Al Roker is used to fans commenting on his weight. But a recent encounter left him scratching his head. "One guy said, 'On TV lately you look very gaunt. But in person you look better,' " recalls the Today weatherman. "I was like, gaunt? 'What are you, an alien? Are you crazy?' "

Okay, gaunt he's not, but by now even Plutonians might well have noticed the dramatic change in Roker's size. One year after he first told PEOPLE about the March 2002 gastric-bypass surgery that led to his remarkable 120-lb. weight loss, Roker, 49, is feeling lighter than ever. "I feel great," says the 5'8" morning star, who fluctuates "6 or 7 lbs." from his current weight of 200 lbs. "I'm happy."

And yet surprisingly, Roker says he still feels a certain amount of guilt over undergoing the surgery, which limited the number of calories his body can absorb by reducing his stomach to the size of an egg and bypassing a portion of his small intestine. "I think it's more impressive when people lose this amount of weight the old-fashioned way, you know?" he says. "My surgeon will scream when I say this, but I still inwardly kind of feel that it's a bit of a cheat—that I couldn't do this on my own. That said, I'd tried for Lord knows how long."

Those closest to him are just relieved that he's finally on a healthier track. "I don't think as a family we have any regrets" about the surgery, says his wife, 20/20 correspondent Deborah Roberts, 43. "He really is on his way to getting control of his life. I've never seen him happier." Adds his mom, Isabel, 69: "He's the same old Al, but I think he feels marvelous." And with his trimmer figure, "he's become a clotheshorse," says Roberts. "He really enjoys the notion that he can walk into a store and pick out a cool new jacket or a pair of cargo pants."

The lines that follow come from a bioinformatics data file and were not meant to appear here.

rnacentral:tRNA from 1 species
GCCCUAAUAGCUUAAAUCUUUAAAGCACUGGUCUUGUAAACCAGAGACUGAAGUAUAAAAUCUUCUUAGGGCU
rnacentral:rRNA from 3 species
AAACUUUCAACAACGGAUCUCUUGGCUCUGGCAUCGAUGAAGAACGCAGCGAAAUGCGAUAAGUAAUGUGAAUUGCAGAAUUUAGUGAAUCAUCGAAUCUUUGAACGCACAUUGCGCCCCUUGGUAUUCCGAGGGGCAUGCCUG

Such everyday thrills have become common for Roker in the past year and a half. "It's the little things that other people take for granted," he says. "Now I can just up and get out of a chair." Playtime with his kids—Nicholas, 16 months, Leila, 5, and Courtney, 16—is also easier. "We went to Miami during the summer and just to watch him dive into the pool and fool around with Leila—it was fabulous," says Isabel.

There have been bigger victories as well. This May he rode 42 miles in the Great Five Boro Bike Tour of New York City. In the past, he says, "I maybe could have driven it. I could never have ridden it." Finishing in a respectable 4½ hours "felt pretty good."

As does his healthier new eating regimen. Since the surgery, which is only recommended for those who are more than 100 lbs. overweight, Roker has had to adjust to eating far smaller portions than he did for most of his life. Nowadays food "is still pleasurable. It's just less of it," he says. "I'll be in the supermarket, and people will say, 'What are you doing here?' Buying food! I do have to eat." As for those frequent cooking segments on Today, "before, I'd eat the whole plate. Now, if I take a bite on air, that's pretty much it."

Despite his success with the surgery, Roker is cautious about endorsing it for others, especially given the operation's l-in-200 fatality rate. "I tell people, 'You have to search your soul and come up with your own decision.' " And Roberts notes that it's not always the quick-and-easy fix some might think. "Like anyone who's recovering, if s still a day-to-day adjustment," she says of her husband. "He's really got to make choices to try to keep things on track."

The surgery may not be foolproof, but for Roker, it was the right call: "My thing is always, 'Gee, why did I wait so long to do it?' But I think it was all about timing." Although he's still considered overweight—his surgeon says Roker's ideal weight is between 160 and 180 lbs.—he is pleased with his current size. "I feel like I'm in a place now where I can live for the rest of my life and be happy," he says. "It's a good place to be."

Michelle Tauber. Mark Dagostino in New York City

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